Portraying the ugliness of the war and human behavior within it, may have unintended consequences for the Player characters and therefore the story as a whole. It feels like, being in that army, does not allow the players to play heroes. In my experience, usually PCs in RPGs are heroes. Personally, I would argue that not being heroes is actually the point of my whole setup. Neither army are the good guys.

So let's say, the PCs witness a fellow soldier murdering an 11 year old boy, just in order to get the boy's potentially valuable locket. (And the locket contains a sketch of his mother's face. And he had gotten separated from his mother a year ago and has been searching for her ever since. Or something like that)

Natural impulse of heroes would be to either kill the murderer or at least bring him to justice (deliver him to authorities). And probably, the commander does not care as much about the boy's life than about having to punish, or even execute a good reliable fighter. Maybe the murderer is let go with an actual or just metaphorical slap on the wrist.

Maybe, heroes would not like to remain in the company of those people. When the town is flooded, lots of civilians die. Maybe the players would actually like to come to the city's aid, because they perceive the actions of the siege army as evil.

Now, in my opinion, this is just how the war was. If the players want to play heroes, they can't be in either army and would have to try to help the peasants or town folks against either army... Maybe Magnificient Seven style. That however, would be a very different story. A story worth telling, I guess, but not the one, I am preparing right now.

 

So this is where my thought of having a clear antagonist comes in. Having a clear picture of an enemy could maybe steer the story more into my intended direction, but it would still require my players to to tolerate some of the regular mayhem, unless they desert. I don't know whether they are up for living with or participating in the grim and criminal.

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On 12/21/2017 at 6:40 PM, Sean_RDP said:

So a few thoughts I have. I love the basic concept, but you need to be careful to remember although this is your world, this is the players' story. Running a campaign where the characters have to follow some kind of hierarchy and rules is a bit harder to do than just "Hey, goblin towns to loot! Oh yeah save the prince too."

  • Make them all soldiers. There is no real reason for a carpenter to go on a scouting mission. Plus it gives them all a common context. If you feel ambitious, allow each of them a single camp follower (N)PC.  Someone they can have more social adventures with. Only if everyone is agreed. As a note, allow players to portray female soldiers too even if they are playing female characters masquerading as men. Cut their hair and they can be boys. It would make for great RP and allows your female players (if you have any) to portray female characters that are more than camp followers. Oh I would make them all the same kind of soldier (musket, arquebus, pike, cavalry...) It makes your life easier.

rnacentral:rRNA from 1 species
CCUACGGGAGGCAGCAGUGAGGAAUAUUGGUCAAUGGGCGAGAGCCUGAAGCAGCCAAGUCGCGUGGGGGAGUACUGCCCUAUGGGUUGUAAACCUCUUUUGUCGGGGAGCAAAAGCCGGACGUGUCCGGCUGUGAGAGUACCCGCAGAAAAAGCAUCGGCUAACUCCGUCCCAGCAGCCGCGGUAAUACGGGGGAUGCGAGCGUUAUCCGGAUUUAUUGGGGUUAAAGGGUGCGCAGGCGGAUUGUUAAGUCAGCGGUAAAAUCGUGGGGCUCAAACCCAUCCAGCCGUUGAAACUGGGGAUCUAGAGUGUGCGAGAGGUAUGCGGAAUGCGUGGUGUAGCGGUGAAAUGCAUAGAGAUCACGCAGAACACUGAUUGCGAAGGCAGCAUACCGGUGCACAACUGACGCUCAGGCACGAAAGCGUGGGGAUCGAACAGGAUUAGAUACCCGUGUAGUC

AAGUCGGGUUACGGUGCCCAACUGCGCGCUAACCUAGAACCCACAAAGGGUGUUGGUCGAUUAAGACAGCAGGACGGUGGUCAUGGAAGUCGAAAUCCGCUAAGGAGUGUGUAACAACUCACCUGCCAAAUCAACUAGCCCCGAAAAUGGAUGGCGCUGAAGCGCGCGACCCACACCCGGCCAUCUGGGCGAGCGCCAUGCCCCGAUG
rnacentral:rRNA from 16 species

• Whore / Hassle Women. No. No. No. I understand the historical veracity of this kind of behavior in armies, especially armies of that period.  But there is a time and place. IF your players are mature enough and IF the situation is a learning experience or a horror of war kind of thing, then maybe. But otherwise, no. Relationships are one thing, but that kind of caca just distracts from the game and can very quickly get skeezy. It never ends well. Hand wave any conjugal encounters. 
  • Minimize the time in camp, though don't skip it. Give them things to do and interact with. Perfectly reasonable that the characters should get bored in camp; but don't let the players get bored. 
  • Combat should be scary, chaotic, and disconcerting. Even for veteran characters. Long battles should be exhausting and someone has to clean up the bodies. Combat should be deadly. 
  • I would begin every session with a passage from the diary. I think that is fantastic that you have such a source to help you. And just marching in time with historical events is not railroading. Within the context of that overall meta story, players will still have choices.

 

This is all good advice!

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13 hours ago, Xorgrim said:

One thing, though... with English being my second language, I did not really understand what you made the local laborer say in the gossip section. Was your point, that my guys are bored because they have to listen to meaningless stories from hasbeens and wannabees?

No; my point is that RP'ing a boring activity is itself boring... Army life is full of activities that DON'T lend themselves to "fun" RP.